The funeral itself is typically the type of thing that would be the setting for a regular episode of Brooklyn Nine-Nine, but the show’s already done that before. Actually, in that case, the funeral wasn’t that big of deal either. Brooklyn Nine-Nine might not care about the dead, but that’s a discussion for another episode, I suppose. Instead, the funeral is simply a tip of the hat to the vague memories of the series’ beginning—as Captain McGinley wasn’t exactly a major factor in the pilot either—and of course, the easiest way to get the ball rolling on some obstacles.


What follows is an episode of Murphy’s Law, as everything bad that can happen to the Nine-Nine does happen. The episode works well to make everything simply come across as a matter of inconvenience. The initial flight cancellations are important to this thought process, as that is the one thing Holt has absolutely no control over. So it makes sense that the thought doesn’t occur early on that he’s sabotaging everyone. (Also, just as a Los Angeleno watching this episode, I simply assumed his ignoring the GPS—which is crazy, because he’s a New Yorker and obviously doesn’t know what he’s doing—would land him into some LA traffic. How dare he use Die Hard for evil?)

And when you have moments like Jake’s wide-eyed demand that they tour Nakatomi Plaza, even before the knowledge that Holt is the reason they were locked up there, the episode frames it so you can’t blame the lock-in on Jake—just some extremely bad luck. No rental cars? Understandable, given the flight chaos, and more bad luck. The RV (“The American Creeper”) Jake gets them being a dud? Expected, but it’s also the best out of a bad situation. The explosion is bad luck. There’s actually a bit of a surprise that comes with Holt sabotaging everything, even with the realization that he’s pretty much accepted he won’t make it back in time. Obviously the cheese puffs moment should have been the tell, but at the same time, his defeated comment about it just being “air” sells it at the time. Though, Jake obviously should have checked his fingers for cheese dust, as there’s no way he would have done the human thing and licked it all off.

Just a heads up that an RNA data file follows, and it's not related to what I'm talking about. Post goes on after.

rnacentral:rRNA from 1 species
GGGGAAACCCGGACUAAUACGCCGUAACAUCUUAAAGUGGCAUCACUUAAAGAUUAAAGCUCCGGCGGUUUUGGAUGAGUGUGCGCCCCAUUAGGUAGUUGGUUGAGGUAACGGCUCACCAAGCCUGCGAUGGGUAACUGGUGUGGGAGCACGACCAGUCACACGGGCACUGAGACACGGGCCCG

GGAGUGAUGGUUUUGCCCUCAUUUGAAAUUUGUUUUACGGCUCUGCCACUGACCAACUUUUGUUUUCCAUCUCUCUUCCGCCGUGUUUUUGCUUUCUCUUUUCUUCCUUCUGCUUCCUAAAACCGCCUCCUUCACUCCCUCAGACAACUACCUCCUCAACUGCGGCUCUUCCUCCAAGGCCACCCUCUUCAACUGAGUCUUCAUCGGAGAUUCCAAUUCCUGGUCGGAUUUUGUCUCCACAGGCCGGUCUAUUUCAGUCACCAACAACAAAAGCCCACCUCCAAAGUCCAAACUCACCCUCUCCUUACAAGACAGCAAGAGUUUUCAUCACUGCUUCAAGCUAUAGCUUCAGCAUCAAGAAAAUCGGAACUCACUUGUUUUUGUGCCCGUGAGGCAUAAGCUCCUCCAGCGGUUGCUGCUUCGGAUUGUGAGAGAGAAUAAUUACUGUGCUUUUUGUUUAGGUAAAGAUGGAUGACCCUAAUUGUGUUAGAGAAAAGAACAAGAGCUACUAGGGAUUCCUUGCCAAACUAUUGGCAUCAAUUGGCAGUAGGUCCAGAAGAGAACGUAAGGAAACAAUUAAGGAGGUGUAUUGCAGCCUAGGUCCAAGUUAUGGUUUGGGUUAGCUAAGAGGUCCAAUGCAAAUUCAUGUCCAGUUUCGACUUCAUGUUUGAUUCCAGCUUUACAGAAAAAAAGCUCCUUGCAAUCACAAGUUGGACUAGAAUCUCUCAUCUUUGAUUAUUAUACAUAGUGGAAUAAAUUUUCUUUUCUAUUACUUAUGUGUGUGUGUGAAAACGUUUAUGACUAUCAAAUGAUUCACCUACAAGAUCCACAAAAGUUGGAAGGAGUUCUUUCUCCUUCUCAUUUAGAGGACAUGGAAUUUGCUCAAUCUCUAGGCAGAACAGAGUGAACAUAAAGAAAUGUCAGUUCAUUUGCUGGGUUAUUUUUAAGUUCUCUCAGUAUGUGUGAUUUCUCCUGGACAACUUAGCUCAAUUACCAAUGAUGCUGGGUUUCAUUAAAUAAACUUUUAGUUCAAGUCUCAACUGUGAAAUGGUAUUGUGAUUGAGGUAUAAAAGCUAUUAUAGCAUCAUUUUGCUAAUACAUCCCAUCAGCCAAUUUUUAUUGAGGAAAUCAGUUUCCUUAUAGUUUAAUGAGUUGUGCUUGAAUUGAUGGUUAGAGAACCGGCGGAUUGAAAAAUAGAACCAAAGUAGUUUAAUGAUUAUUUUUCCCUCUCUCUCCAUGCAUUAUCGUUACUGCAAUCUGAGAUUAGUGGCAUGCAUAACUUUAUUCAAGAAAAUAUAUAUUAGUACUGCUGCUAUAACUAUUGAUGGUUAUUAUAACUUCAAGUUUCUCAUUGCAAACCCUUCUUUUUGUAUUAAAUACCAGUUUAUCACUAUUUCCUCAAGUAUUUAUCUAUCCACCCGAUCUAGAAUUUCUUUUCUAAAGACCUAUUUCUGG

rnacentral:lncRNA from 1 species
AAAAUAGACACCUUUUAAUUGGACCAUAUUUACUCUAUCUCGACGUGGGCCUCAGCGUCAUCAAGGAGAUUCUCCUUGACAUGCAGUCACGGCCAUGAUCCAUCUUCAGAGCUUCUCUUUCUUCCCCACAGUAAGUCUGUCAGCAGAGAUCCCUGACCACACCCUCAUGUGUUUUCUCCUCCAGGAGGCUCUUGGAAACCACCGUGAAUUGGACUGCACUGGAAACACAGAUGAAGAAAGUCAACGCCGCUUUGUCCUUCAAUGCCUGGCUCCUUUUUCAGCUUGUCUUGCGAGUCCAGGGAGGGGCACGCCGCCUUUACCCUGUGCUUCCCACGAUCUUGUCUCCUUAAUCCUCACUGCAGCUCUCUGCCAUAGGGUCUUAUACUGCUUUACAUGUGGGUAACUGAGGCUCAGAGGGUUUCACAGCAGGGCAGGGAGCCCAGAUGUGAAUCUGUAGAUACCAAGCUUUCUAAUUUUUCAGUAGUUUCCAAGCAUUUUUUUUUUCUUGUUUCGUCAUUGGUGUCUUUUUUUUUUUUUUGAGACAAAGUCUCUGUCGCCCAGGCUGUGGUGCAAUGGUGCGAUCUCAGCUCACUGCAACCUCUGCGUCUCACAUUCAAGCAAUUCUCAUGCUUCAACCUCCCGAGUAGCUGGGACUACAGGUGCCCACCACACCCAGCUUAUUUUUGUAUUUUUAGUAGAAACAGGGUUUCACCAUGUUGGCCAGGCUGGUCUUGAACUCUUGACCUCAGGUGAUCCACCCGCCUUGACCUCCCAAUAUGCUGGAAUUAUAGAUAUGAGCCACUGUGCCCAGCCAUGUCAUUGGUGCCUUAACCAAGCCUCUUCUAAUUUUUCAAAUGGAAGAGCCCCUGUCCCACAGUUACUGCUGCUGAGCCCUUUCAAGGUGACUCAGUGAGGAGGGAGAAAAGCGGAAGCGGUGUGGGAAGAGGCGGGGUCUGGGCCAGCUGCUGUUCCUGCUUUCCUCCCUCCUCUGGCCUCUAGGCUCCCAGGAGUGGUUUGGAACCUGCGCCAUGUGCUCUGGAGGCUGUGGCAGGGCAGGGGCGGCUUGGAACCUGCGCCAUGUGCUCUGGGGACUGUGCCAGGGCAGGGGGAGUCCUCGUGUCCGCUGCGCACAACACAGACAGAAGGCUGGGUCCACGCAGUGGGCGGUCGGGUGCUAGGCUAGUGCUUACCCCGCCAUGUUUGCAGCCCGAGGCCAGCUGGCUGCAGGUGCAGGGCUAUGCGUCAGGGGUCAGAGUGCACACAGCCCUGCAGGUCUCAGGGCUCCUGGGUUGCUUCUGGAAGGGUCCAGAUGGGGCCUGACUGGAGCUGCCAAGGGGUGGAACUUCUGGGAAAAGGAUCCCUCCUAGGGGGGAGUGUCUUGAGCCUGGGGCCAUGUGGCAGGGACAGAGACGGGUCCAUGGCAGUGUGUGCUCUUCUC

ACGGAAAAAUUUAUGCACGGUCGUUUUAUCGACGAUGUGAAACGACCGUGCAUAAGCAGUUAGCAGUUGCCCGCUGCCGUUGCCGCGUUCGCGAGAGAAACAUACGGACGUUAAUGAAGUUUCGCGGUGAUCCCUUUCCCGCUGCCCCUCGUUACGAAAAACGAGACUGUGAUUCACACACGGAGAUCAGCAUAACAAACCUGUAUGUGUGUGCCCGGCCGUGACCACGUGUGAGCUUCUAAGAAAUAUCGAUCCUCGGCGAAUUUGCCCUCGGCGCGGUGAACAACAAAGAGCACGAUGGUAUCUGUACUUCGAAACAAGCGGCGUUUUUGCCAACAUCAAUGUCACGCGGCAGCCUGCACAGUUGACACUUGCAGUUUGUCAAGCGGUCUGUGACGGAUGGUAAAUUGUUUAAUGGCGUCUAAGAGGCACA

But then comes an actual solution on Jake’s end to get them home, and that’s where “bad luck” can no longer be an excuse. It makes sense that Jake catches on to Holt’s sabotage plan when they get stopped by the cops, not just because of the robotic phrase of “bovine transport unit” but because it’s the one aspect of this whole thing that can’t just be bad luck. A Boyle trafficking drugs? Come on. And speaking of Holt’s robot turn of phrase, it’s worth noting that Jake calling him out for that is a callback to the pilot. Of course, when Jake did that impression in the pilot, he was actually insulting Holt and assuming he was just a “washed up pencil pusher.” Flash forward to the 99th episode and Jake is now actively doing everything he possibly can to help this robot achieve his dream position in the NYPD.

Speaking of the pilot, Holt’s motivation there explains his behavior here and why the Seamus Murphy thing is such a big deal: